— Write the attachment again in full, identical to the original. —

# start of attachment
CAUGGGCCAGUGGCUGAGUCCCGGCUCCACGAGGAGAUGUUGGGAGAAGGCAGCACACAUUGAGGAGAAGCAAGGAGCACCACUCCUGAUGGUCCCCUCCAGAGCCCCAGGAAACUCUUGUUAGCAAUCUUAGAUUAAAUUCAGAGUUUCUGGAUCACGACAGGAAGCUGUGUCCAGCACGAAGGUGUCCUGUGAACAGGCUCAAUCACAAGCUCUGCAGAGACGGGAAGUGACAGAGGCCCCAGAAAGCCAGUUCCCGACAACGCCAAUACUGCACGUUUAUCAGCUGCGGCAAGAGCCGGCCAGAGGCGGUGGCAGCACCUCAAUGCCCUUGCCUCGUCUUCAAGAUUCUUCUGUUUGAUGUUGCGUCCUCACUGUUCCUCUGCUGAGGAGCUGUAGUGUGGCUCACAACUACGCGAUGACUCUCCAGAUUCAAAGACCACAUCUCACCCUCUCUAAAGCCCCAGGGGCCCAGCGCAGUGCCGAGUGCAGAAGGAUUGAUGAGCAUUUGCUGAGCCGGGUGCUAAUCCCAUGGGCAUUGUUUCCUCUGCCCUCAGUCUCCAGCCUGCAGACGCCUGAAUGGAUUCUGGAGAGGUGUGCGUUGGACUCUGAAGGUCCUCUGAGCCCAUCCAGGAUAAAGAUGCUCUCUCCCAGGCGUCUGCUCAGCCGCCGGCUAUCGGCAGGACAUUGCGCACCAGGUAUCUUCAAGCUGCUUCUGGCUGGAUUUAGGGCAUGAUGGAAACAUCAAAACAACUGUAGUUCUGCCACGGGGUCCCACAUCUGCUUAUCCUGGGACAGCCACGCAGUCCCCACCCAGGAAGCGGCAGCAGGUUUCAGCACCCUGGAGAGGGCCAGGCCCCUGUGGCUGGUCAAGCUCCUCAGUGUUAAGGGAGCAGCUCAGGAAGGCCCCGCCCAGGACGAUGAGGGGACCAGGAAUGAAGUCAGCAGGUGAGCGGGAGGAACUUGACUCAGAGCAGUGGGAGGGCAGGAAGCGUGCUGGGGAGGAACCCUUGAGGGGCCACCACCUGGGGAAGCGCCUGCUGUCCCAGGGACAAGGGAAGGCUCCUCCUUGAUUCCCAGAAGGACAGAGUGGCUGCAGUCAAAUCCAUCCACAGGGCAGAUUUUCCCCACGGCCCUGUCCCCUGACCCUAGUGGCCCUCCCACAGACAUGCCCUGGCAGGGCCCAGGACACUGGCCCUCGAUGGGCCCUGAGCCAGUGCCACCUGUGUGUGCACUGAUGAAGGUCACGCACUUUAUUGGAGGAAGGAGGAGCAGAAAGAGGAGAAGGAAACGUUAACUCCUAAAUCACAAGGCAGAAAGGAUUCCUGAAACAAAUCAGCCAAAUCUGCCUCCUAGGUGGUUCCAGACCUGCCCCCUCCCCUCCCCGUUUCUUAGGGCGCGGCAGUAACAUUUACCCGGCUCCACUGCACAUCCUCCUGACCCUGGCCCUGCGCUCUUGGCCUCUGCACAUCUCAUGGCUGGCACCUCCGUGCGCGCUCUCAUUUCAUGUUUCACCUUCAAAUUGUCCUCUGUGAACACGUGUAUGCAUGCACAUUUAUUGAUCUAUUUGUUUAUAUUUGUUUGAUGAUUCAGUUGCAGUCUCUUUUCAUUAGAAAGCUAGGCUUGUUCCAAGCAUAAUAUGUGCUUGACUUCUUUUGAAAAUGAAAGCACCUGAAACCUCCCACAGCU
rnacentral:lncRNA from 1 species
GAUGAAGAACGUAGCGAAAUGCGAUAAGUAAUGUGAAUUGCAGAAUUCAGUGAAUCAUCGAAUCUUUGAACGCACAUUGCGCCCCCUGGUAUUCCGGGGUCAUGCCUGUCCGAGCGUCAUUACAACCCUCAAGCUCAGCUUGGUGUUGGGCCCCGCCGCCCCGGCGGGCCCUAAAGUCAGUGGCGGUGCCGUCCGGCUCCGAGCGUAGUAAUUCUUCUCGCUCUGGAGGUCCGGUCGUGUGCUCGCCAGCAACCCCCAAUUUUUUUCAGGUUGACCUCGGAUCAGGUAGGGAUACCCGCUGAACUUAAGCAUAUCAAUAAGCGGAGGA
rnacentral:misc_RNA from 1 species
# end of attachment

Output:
CAUGGGCCAGUGGCUGAGUCCCGGCUCCACGAGGAGAUGUUGGGAGAAGGCAGCACACAUUGAGGAGAAGCAAGGAGCACCACUCCUGAUGGUCCCCUCCAGAGCCCCAGGAAACUCUUGUUAGCAAUCUUAGAUUAAAUUCAGAGUUUCUGGAUCACGACAGGAAGCUGUGUCCAGCACGAAGGUGUCCUGUGAACAGGCUCAAUCACAAGCUCUGCAGAGACGGGAAGUGACAGAGGCCCCAGAAAGCCAGUUCCCGACAACGCCAAUACUGCACGUUUAUCAGCUGCGGCAAGAGCCGGCCAGAGGCGGUGGCAGCACCUCAAUGCCCUUGCCUCGUCUUCAAGAUUCUUCUGUUUGAUGUUGCGUCCUCACUGUUCCUCUGCUGAGGAGCUGUAGUGUGGCUCACAACUACGCGAUGACUCUCCAGAUUCAAAGACCACAUCUCACCCUCUCUAAAGCCCCAGGGGCCCAGCGCAGUGCCGAGUGCAGAAGGAUUGAUGAGCAUUUGCUGAGCCGGGUGCUAAUCCCAUGGGCAUUGUUUCCUCUGCCCUCAGUCUCCAGCCUGCAGACGCCUGAAUGGAUUCUGGAGAGGUGUGCGUUGGACUCUGAAGGUCCUCUGAGCCCAUCCAGGAUAAAGAUGCUCUCUCCCAGGCGUCUGCUCAGCCGCCGGCUAUCGGCAGGACAUUGCGCACCAGGUAUCUUCAAGCUGCUUCUGGCUGGAUUUAGGGCAUGAUGGAAACAUCAAAACAACUGUAGUUCUGCCACGGGGUCCCACAUCUGCUUAUCCUGGGACAGCCACGCAGUCCCCACCCAGGAAGCGGCAGCAGGUUUCAGCACCCUGGAGAGGGCCAGGCCCCUGUGGCUGGUCAAGCUCCUCAGUGUUAAGGGAGCAGCUCAGGAAGGCCCCGCCCAGGACGAUGAGGGGACCAGGAAUGAAGUCAGCAGGUGAGCGGGAGGAACUUGACUCAGAGCAGUGGGAGGGCAGGAAGCGUGCUGGGGAGGAACCCUUGAGGGGCCACCACCUGGGGAAGCGCCUGCUGUCCCAGGGACAAGGGAAGGCUCCUCCUUGAUUCCCAGAAGGACAGAGUGGCUGCAGUCAAAUCCAUCCACAGGGCAGAUUUUCCCCACGGCCCUGUCCCCUGACCCUAGUGGCCCUCCCACAGACAUGCCCUGGCAGGGCCCAGGACACUGGCCCUCGAUGGGCCCUGAGCCAGUGCCACCUGUGUGUGCACUGAUGAAGGUCACGCACUUUAUUGGAGGAAGGAGGAGCAGAAAGAGGAGAAGGAAACGUUAACUCCUAAAUCACAAGGCAGAAAGGAUUCCUGAAACAAAUCAGCCAAAUCUGCCUCCUAGGUGGUUCCAGACCUGCCCCCUCCCCUCCCCGUUUCUUAGGGCGCGGCAGUAACAUUUACCCGGCUCCACUGCACAUCCUCCUGACCCUGGCCCUGCGCUCUUGGCCUCUGCACAUCUCAUGGCUGGCACCUCCGUGCGCGCUCUCAUUUCAUGUUUCACCUUCAAAUUGUCCUCUGUGAACACGUGUAUGCAUGCACAUUUAUUGAUCUAUUUGUUUAUAUUUGUUUGAUGAUUCAGUUGCAGUCUCUUUUCAUUAGAAAGCUAGGCUUGUUCCAAGCAUAAUAUGUGCUUGACUUCUUUUGAAAAUGAAAGCACCUGAAACCUCCCACAGCU
rnacentral:lncRNA from 1 species
GAUGAAGAACGUAGCGAAAUGCGAUAAGUAAUGUGAAUUGCAGAAUUCAGUGAAUCAUCGAAUCUUUGAACGCACAUUGCGCCCCCUGGUAUUCCGGGGUCAUGCCUGUCCGAGCGUCAUUACAACCCUCAAGCUCAGCUUGGUGUUGGGCCCCGCCGCCCCGGCGGGCCCUAAAGUCAGUGGCGGUGCCGUCCGGCUCCGAGCGUAGUAAUUCUUCUCGCUCUGGAGGUCCGGUCGUGUGCUCGCCAGCAACCCCCAAUUUUUUUCAGGUUGACCUCGGAUCAGGUAGGGAUACCCGCUGAACUUAAGCAUAUCAAUAAGCGGAGGA
rnacentral:misc_RNA from 1 species